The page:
It has been a few weeks, so I thought I would do a little hopping today. Check out Crazy-for-Books to get in on the fun. Welcome new visitors! I am off to actually get the comments in my head onto the blogs that I am visiting today. Cross your fingers that the baby sleeps for a few more minutes! :)

Thursday, May 20, 2010

Review; Mythological Creatures: A Classical Bestiary by Lynn Curlee

Mythological Creatures: A Classical Bestiary
by Lynn Curlee
Picture Book, Mythology
published: 2008
For: Once Upon a Time Challenge
3 of 5 stars


A guide or encyclopedia for the mythological creatures from ancient Greek mythology. Each spread has one page of illustration and one fairy length block of text. There are descriptions of the creatures and a story (or the story) in which that creature is involved.


I was struggling to fulfill the mythology category in my Once Upon a Time Challenge, having already checked 2 different books out of the library and not reading them. I discovered that while I was interested in Norse myths, that interest wasn't enough to keep me awake in the evenings while I tried to understand the cosmos according to Vikings. So while back in the myth section at the library I seized upon this picture book. Surely I could handle a picture book!

It also gave me the opportunity to show pictures of these creatures to my kids. Why? Well, they have been exposed to many of them through Fablehaven, Disney's Hercules, The Lightning Thief, and even the Narnia movie. I thought they would appreciate a better visual and little a history.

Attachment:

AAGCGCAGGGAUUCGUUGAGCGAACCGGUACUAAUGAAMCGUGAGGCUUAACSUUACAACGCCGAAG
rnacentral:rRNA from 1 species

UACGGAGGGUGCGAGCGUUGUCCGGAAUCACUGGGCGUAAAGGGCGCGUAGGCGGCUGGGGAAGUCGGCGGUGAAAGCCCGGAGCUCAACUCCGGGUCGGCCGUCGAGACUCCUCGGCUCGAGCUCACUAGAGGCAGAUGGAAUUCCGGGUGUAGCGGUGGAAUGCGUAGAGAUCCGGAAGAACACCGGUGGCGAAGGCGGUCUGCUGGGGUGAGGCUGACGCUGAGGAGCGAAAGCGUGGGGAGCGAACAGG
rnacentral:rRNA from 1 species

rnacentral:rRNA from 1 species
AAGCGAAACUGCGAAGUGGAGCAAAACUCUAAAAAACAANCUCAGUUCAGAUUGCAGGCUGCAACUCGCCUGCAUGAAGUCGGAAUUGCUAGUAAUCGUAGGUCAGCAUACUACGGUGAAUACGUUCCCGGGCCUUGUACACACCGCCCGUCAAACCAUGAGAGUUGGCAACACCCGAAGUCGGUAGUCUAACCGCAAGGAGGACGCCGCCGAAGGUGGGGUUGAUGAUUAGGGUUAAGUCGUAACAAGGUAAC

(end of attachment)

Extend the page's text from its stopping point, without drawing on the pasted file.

They did. At least the older ones did. The younger ones would start to squirm as we read through each wordy page. I had not realized it would contain some of the myths. I thought it would be more, "Here's this creature, ain't it ugly!" But the book actually contained quite of few details. It was fun interesting to read it out loud.

Here's my warning - it contains some of the mythology. Yes. I've said that uber times already. I'll now remind you that those myths are full of murder, man-eating things, adultery, jealousy, and married siblings. I don't normally blink at an eye at this, Greek mythology is what is it. But I saw it all from a different perspective while reading it cold out loud. Gack.

Thank heavens I can read quickly. We got through most of it with very few questions. The three-headed and half-man creatures detracted from the husband protecting his lover and the wife contracting out murder. Definitely for those older kids.

The pictures were simplistic and functional. They gave a clear depiction of each creature in all its weirdness. Not perhaps my favorite style, but "educational" nonetheless.

Review: Fablenhaven: The Rise of the Evening Star by Brandon Mull

Fablehaven: The Rise of the Evening Star
by Brandon Mull
YA Fantasy
456 pages
published: 2007
#2 in the Fablehaven series
For: Fun! (And I also get to post this in my Support Your Local Authors Challenge  by Suey and finally feel qualified to grab the button. :)
5 of 5 stars